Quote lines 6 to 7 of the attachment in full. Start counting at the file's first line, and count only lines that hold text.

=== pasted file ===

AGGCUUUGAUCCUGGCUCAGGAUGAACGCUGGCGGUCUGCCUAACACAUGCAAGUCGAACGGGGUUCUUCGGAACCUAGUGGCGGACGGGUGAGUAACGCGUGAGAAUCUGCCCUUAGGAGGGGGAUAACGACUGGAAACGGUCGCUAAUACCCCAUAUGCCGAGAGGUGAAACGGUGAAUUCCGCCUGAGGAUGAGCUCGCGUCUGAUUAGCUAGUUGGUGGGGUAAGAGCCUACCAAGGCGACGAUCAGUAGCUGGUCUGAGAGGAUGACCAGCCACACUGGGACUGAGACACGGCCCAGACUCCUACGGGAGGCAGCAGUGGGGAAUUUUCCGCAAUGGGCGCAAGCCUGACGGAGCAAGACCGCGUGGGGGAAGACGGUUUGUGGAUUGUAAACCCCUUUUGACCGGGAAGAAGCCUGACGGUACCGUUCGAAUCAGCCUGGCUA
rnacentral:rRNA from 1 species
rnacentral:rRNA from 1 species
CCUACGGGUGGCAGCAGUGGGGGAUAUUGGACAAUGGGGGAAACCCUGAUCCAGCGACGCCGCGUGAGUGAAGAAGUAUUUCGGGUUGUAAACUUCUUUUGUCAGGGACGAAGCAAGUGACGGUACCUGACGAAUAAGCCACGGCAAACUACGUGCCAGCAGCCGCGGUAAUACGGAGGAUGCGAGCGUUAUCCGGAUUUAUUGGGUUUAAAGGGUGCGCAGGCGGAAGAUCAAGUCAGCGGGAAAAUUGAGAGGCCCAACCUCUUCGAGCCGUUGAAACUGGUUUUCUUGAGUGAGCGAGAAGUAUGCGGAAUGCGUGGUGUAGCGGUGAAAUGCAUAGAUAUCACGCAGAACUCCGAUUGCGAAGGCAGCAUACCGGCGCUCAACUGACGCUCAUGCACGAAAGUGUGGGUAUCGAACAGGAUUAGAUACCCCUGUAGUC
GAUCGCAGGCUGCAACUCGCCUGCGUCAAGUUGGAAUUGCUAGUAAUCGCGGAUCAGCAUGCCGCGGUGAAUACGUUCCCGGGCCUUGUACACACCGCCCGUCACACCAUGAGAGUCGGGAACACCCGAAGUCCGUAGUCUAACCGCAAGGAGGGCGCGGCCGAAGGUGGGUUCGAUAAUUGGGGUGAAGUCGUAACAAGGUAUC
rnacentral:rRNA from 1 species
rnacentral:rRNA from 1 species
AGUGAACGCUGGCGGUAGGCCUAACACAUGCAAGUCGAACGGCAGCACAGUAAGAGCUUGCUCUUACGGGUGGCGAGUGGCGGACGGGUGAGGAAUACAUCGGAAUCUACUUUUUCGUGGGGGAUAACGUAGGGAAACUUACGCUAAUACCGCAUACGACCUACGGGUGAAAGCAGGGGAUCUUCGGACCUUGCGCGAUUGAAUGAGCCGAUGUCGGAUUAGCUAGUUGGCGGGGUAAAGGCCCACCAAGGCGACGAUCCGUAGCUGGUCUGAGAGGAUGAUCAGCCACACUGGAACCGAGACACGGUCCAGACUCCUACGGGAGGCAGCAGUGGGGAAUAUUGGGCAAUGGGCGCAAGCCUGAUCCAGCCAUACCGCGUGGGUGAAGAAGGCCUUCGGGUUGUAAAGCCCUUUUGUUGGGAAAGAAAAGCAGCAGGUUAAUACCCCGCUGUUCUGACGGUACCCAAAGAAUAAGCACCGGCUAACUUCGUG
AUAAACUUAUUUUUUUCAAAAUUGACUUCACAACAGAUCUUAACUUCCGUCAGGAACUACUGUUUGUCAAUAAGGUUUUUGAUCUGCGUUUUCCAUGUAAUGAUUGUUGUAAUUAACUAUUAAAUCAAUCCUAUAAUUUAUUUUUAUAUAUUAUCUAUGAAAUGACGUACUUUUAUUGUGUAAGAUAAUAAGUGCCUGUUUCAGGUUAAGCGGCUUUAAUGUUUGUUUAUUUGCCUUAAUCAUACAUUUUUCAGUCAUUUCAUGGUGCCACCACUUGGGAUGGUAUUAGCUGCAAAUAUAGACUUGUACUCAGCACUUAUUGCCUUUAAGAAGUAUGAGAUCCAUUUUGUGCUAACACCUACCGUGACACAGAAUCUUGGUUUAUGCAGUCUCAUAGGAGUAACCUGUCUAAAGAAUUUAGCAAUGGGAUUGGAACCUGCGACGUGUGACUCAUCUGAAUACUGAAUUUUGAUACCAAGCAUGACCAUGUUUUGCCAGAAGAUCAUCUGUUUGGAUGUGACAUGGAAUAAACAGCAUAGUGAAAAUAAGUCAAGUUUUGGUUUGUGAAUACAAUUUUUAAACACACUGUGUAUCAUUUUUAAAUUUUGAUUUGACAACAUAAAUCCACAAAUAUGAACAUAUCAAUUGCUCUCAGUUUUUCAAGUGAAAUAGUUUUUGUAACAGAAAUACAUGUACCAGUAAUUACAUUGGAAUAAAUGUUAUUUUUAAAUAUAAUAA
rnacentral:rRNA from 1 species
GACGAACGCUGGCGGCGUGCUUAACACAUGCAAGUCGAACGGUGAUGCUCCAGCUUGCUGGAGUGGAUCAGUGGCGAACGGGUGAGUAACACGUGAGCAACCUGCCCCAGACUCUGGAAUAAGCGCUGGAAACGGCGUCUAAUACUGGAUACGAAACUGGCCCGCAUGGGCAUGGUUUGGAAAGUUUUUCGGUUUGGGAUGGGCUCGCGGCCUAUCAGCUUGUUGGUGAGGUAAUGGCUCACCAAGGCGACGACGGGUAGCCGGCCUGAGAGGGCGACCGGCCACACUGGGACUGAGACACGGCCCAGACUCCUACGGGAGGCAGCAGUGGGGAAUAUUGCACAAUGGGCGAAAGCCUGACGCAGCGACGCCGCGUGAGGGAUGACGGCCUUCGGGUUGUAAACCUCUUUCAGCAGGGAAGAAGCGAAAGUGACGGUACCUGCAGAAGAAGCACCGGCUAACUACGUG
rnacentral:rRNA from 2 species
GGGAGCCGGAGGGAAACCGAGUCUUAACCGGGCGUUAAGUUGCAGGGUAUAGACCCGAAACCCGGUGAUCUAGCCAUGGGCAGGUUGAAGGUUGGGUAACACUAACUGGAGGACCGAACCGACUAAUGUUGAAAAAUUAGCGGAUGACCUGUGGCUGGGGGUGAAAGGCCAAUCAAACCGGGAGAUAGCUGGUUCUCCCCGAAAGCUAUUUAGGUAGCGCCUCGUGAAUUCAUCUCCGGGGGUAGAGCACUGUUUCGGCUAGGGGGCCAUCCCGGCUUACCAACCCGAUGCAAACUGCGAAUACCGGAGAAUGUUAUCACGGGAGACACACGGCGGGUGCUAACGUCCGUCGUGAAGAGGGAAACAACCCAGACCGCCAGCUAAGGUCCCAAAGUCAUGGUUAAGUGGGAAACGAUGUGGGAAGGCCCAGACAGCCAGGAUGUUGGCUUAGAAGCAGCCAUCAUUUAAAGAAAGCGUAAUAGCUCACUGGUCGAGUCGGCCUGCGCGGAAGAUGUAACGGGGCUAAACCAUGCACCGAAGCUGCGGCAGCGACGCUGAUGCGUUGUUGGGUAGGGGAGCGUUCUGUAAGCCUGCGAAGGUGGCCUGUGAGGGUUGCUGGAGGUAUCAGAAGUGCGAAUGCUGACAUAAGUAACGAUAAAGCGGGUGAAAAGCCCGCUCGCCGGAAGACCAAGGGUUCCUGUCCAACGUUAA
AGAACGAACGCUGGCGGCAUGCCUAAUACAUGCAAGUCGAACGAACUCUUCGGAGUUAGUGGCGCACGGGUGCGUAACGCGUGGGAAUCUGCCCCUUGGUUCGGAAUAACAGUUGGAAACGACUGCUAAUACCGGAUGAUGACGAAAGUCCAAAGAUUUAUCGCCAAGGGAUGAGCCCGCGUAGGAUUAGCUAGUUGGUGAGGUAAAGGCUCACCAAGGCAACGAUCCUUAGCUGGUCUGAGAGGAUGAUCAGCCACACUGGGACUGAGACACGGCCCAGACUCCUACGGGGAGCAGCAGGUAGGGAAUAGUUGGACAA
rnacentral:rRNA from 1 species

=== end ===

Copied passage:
rnacentral:rRNA from 1 species
rnacentral:rRNA from 1 species